Review: In the ambitious 'Midsommar,' there’s much more to be afraid of than the dark



If you’ve seen Hereditary, you already know how skilled Ari Aster is at scaring the crap out of people. It was an instant horror classic, an even more impressive accomplishment because it was the director’s debut feature. Aster’s already shown off his talent for the genre. With Midsommar, he reveals his aspirations.

While it stills works within a classic horror framework, Midsommar ’s setting makes for an uncommon scary movie. After a family tragedy, Dani (Florence Pugh) joins her boyfriend (Jack Reynor) and his Ph.D.-candidate buddies on a trip to rural Sweden, where the midnight sun shines a light on the strange customs of a secretive commune. Most of the picture takes place during the “daytime,” which offers a unique challenge for a horror director. It’s a bold move for a second feature, but Aster is more than capable of creeping us out without physical darkness to rely on.

Midsommar ’s trajectory isn’t hard to guess, especially when the characters do their very best to ignore countless red flags—for wannabe doctors, these guys aren’t too bright. That predictability would be a knock if the execution weren’t so good, with Midsommar’s trope use ultimately feeling like an homage to the Dumb College Kids in the Woods subgenre, rather than a failed plot. In some ways it’s actually scarier to know the broader strokes of what’s coming, because that tension sits with us until the other shoe drops, and Midsommar proves to be as weird as it is memorable.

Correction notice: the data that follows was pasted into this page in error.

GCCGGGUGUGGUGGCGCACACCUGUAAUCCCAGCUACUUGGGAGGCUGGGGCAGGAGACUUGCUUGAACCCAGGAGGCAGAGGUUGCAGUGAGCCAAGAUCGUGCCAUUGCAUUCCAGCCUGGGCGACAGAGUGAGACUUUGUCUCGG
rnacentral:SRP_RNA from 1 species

Beyond the scares, Midsommar parades around some interesting technical choices. Sure, there might not be a single moment as masterfully blocked as that Toni Collette corner shot in Hereditary (if you know, you know). Yet Aster still displays a keen ability to put his cast—from the stars to a made-up inbred character to a bunch of naked extras—in the right place for maximum impact.

What’s more, Pawel Pogorzelski’s cinematography is mesmerizing—and that’s not something that you often notice in a horror movie. Whether it’s all in-camera or some post-production magic, it’s truly unlike anything I’ve seen. Composition is one thing, but the little details are what really stand out. The highlights often look blown out, casting halos on lights, making the sky look unnatural, giving the commune’s ceremonial garb a glowing effect. Lens filters or maybe just rear anamorphics (or both?) produce strange sun flares. And those qualities combined with subtle psychedelic CGI not only produce one of the most realistic depictions of hallucinogenic drug use in film (or so I’m told), but relate that experience to the audience.

Hereditary might be better overall, but Midsommar is easily more ambitious. Aster could’ve followed up his amazing breakout with something safe and familiar, both in-story and out. But like Jordan Peele before him, he tried his hand at a different kind of nightmare, swung for the fences, and came up with a substantial and spooky second feature.

Director: Ari Aster
Starring: Florence Pugh, Jack Reynor, William Jackson Harper
Rated: R
Theater: Area theaters, now showing